Scorpion: I like the pacing. I like the characters, who have turned into entertaining people instead of the cardboard caricatures from the first episode. But good Lord, someone tell them to stop pretending to have something like science. The space rocket episode? No. Just no. Mileage may vary. 6-8/10

Hawaii 5-0: It's okay. Nothing really stood out about this season. Though I'm getting tired of the old married couple bickering of our main characters. You'd think they'd tone it down after a while. 6/10

Blue Bloods: Solid series. Generally sane. They usually deal with topics as apolitically as possible. But there were still a few elements of pure stupid in there. They avoided some of the SJW scripts this season, I don't know how, but they did. Congrats, guys.  9/10.

Criminal Minds: AAARRRRGGGGHHHH. If anyone does a repeat of this season, I'm done. While the season-long story arc had a satisfactory conclusion, good God, it was painful to watch .... I'm sorry, not watch, fast forward through. "Spencer in jail" was a waste of time, generally not interesting, and I was able to pick up on what was happening while I sped through the Shawshank sequences.  6/10, and don't do that again.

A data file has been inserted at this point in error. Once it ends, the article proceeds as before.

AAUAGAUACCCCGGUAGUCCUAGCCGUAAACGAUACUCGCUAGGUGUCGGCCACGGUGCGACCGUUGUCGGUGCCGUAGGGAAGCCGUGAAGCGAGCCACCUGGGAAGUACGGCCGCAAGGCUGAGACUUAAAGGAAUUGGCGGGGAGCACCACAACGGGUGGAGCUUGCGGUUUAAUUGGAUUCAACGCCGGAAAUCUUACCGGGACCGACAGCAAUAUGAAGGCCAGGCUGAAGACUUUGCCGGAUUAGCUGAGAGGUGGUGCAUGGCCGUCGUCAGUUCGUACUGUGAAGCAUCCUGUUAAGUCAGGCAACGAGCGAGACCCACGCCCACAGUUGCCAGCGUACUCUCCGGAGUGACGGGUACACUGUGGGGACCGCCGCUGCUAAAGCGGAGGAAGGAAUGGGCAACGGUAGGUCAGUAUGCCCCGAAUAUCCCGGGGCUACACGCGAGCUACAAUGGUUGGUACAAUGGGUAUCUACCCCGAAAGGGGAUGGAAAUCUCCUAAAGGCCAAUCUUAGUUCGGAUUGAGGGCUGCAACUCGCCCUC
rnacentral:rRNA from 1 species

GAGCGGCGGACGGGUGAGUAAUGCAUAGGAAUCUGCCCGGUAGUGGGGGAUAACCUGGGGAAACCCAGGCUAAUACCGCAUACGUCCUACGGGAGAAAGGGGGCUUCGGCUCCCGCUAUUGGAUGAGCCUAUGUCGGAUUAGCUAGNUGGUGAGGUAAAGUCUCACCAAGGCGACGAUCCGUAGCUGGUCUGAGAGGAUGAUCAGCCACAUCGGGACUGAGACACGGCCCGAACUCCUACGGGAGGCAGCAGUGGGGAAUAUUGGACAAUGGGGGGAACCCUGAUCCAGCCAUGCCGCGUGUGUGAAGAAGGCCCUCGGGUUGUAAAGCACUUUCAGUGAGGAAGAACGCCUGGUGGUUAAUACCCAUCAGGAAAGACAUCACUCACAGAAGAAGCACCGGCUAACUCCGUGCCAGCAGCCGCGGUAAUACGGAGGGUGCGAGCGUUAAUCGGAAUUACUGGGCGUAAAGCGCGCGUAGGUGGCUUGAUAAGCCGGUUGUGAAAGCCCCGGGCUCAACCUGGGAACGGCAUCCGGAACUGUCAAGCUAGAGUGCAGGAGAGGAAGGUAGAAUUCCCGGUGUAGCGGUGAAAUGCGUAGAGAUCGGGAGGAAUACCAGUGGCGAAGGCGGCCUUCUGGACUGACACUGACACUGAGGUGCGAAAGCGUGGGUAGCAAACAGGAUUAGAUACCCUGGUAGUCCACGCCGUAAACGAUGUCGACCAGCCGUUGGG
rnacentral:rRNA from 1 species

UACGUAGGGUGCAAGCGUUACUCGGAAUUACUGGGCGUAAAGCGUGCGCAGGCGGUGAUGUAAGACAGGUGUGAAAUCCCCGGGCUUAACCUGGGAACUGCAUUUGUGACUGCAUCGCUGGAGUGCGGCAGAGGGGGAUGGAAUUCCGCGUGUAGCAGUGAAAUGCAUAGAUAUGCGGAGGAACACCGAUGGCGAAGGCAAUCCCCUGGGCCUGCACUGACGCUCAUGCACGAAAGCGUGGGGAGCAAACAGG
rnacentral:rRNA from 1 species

Bull: Eh. I generally like the series.  It's mostly a 6/10, though the last few episodes were closer to 8/10 -- mostly due to the introduction of Eliza Dushku, a character who could talk at least as good a game as Michael Weatherly. If we keep her for season 2, I'll probably even watch.

Lucifer: With the introduction of Tricia Helfer as Lucifer's mother, a goddess, they lost any pretense of this being the Judeo-Christian Devil, and basically turned the show into a straight-up urban fantasy. I guess that could be seen as an improvement, so they're obviously tossing out any standard mythology around Lucifer. Also, since there is no reference to Jesus as a historical event within the universe, it pretty much makes this more Zoroastrian than Judeo-Christian. Turn your brain off, enjoy the insanity. It's a comedy police procedural ... almost like Castle. Only more insane. 8/10

Elementary: It was okay. The season finale subplot was out of left field, and jarring, and I'm not sure I was a fan of the primary arch. Tolerable, and generally entertaining. 7/10.

The Blacklist: The second half of the season had nothing to do with the first half, and that's a positive. The war with "Mister Kaplan" was an interesting battle, and there's a glimmer of an explanation behind everything going on. But I think they have only one more season left to them. They've broken up the story into half-seasons, and it's getting a little tedious. Finish it, or ratings finish you, Blacklist. 7/10-- points deducted for the first half of the season sucking so much.

Lethal Weapon:  Still the best series of the season. 10/10. If you haven't watched, you're missing out. It has heart, humor, character development, and a great balanced between solo episodes and overall season plot. I miss this series, and next season needs more episodes. Watch it, and throw out the Mel Gibson films.

The Dragon Awards are open and ready for nominations, and I have a list of suggestions you might want to take a look at. If you already  have a good idea of what you want, just click here to go and vote for them. The instructions are right there.


The Love at First Bite series. 


    

6 comments: